Barbara R. Sarason
Barbara was born in Chicago on June 13, 1929 and died on September 19, 2017. She was the daughter of John and Esther Ryrholm. They moved to Indianapolis where Barbara attended public schools, graduating as valedictorian of her class at Broad Ripple High School. After graduating from DePauw University, she worked for a year in Chicago as a psychometrist. In 1952 she began her studies in clinical psychology at the University of Iowa where she and her husband Irwin met. Barbara received a Master’s degree at Iowa. She and Irwin got their PhDs in clinical psychology from Indiana University, and then completed their clinical internships.
In 1956, they moved to Seattle. Barbara was president of the Seattle League of Women Voters. She later joined the Psychology Department of the University of Washington as a Research Professor. She was the author of many articles and books. Her Abnormal Psychology textbook, written with Irwin, went through eleven editions and has been widely used throughout the world. Barbara’s major research interests were in interpersonal relationships and the social support they provide for people. Her Social Support Questionnaire has been employed in thousands of research studies worldwide and has been translated into many languages. Barbara was a leader in the study of interpersonal relationships, an editor of several journals in that field, and a co-founder of an international organization concerned with the study of social ties. Barbara retired in 2000, although she continued her writing and research. She influenced the development of many graduate and undergraduate students who valued greatly what she contributed to their lives. Barbara was a fellow of Sigma Xi, the American Psychological Association, the Western Psychological Association, and the American Association for the Advancement of Science. She received the Lifetime Contribution Award of the Washington State Psychological Association.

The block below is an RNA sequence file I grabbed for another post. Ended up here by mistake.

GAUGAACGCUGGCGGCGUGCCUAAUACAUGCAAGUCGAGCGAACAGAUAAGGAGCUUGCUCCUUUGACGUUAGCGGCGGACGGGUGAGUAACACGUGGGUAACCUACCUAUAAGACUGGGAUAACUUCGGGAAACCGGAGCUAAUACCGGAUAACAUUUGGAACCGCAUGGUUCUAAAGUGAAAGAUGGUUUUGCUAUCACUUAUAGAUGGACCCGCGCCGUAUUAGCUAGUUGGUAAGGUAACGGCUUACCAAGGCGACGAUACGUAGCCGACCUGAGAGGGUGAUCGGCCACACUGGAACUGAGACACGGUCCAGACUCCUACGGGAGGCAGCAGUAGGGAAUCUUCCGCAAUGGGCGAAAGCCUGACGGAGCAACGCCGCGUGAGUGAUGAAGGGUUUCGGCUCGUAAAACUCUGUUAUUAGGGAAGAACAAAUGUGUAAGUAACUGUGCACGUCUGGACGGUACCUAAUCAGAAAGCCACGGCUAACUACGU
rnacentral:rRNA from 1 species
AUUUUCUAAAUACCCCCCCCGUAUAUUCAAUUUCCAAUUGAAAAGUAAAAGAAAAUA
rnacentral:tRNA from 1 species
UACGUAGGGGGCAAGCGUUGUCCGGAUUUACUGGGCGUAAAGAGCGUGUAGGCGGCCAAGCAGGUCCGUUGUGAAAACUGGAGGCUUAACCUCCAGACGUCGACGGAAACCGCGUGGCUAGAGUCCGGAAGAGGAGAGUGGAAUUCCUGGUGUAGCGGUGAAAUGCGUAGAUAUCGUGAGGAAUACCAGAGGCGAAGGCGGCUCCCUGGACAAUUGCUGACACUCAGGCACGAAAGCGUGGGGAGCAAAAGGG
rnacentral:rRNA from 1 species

Barbara had many interests. Her League of Women Voters presidency illustrates her involvement in public affairs. She enjoyed reading, music, and art. She was a wonderful cook (she created a cookbook of her recipes for her children.) Barbara valued opportunities for travel, especially living in England for a year and in the Netherlands for 18 months. She and Irwin gave lecture series in Japan and many lectures in Australia and throughout Europe. Barbara had a great interest in architecture and especially enjoyed visiting churches and cathedrals throughout Europe.
Barbara was especially interested in the development of children and their intellectual, athletic and cultural lives.
Barbara will be deeply missed by her husband Irwin and their three children, Suzanne, Jane, and Donald; her grandchildren Joshua, Natalie, Gabriela, and Daniel; and and her sister Mary Ann Shubert and her brother-in-law Bruce. She will also be missed by her daughter-in-law Peggy and son-in-law Justin and by Chris DiGiusto. Barbara wish was to be cremated and at her request there will be no funeral services, but a memorial in the future is being planned.